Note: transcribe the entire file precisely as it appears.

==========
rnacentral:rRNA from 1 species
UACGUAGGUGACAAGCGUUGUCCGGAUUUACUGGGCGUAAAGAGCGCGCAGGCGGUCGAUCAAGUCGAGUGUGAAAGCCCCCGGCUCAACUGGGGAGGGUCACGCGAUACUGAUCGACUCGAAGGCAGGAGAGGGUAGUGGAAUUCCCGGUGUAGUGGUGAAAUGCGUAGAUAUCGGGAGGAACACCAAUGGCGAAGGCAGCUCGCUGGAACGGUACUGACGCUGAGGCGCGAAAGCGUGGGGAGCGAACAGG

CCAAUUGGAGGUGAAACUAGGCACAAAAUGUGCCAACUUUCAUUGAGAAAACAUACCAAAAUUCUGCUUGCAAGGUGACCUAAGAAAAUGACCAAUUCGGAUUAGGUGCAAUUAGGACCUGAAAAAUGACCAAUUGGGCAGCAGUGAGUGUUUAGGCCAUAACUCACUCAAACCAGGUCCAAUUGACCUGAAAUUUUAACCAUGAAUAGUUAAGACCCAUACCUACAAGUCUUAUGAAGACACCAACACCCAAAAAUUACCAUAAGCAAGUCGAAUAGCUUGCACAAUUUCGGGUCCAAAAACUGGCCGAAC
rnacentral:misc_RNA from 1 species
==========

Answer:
rnacentral:rRNA from 1 species
UACGUAGGUGACAAGCGUUGUCCGGAUUUACUGGGCGUAAAGAGCGCGCAGGCGGUCGAUCAAGUCGAGUGUGAAAGCCCCCGGCUCAACUGGGGAGGGUCACGCGAUACUGAUCGACUCGAAGGCAGGAGAGGGUAGUGGAAUUCCCGGUGUAGUGGUGAAAUGCGUAGAUAUCGGGAGGAACACCAAUGGCGAAGGCAGCUCGCUGGAACGGUACUGACGCUGAGGCGCGAAAGCGUGGGGAGCGAACAGG

CCAAUUGGAGGUGAAACUAGGCACAAAAUGUGCCAACUUUCAUUGAGAAAACAUACCAAAAUUCUGCUUGCAAGGUGACCUAAGAAAAUGACCAAUUCGGAUUAGGUGCAAUUAGGACCUGAAAAAUGACCAAUUGGGCAGCAGUGAGUGUUUAGGCCAUAACUCACUCAAACCAGGUCCAAUUGACCUGAAAUUUUAACCAUGAAUAGUUAAGACCCAUACCUACAAGUCUUAUGAAGACACCAACACCCAAAAAUUACCAUAAGCAAGUCGAAUAGCUUGCACAAUUUCGGGUCCAAAAACUGGCCGAAC
rnacentral:misc_RNA from 1 species